Walker-loving hillbillies sure do get a kick out of sticking it to them librul professors with their lattes and Volvos and fancy book learnin', but they like Badger football, hockey, and (perennial Sweet Sixteen or better) men's basketball even more. Not to mention the dozen other schools in the state with locally popular athletic programs. I've said this a million times, but if universities have to make "tough decisions" due to financial constraints they should start with the most popular but least important part of the budget.

Feel free to end the one-sentence announcement with, "Your move, asshole."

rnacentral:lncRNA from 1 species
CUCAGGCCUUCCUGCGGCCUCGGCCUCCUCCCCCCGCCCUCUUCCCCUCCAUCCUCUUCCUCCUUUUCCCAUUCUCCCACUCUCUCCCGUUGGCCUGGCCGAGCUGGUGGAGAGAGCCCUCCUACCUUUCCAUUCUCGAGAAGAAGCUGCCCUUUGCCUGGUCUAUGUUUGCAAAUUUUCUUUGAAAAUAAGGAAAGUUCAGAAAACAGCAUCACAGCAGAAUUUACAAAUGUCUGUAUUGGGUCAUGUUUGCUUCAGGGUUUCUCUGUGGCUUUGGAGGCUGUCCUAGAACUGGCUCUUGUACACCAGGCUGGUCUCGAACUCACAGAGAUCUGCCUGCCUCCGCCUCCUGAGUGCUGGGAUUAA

As a teenager I was really into lifting weights for a while. Part of it was believing that exercise would be good for me physically and mentally, and of course part of it was the overwhelming insecurity that leads people to spend an inordinate amount of time in the gym. This was in the mid-to-late 90s before the Internet was as valuable of a resource as it is today, so to keep from getting bored with exercise I would get things out of fitness magazines. You know, the ones with the shiny, freakish musclemen on the covers. "Muscle and Fitness" and "Modern Douchebag" or whatever.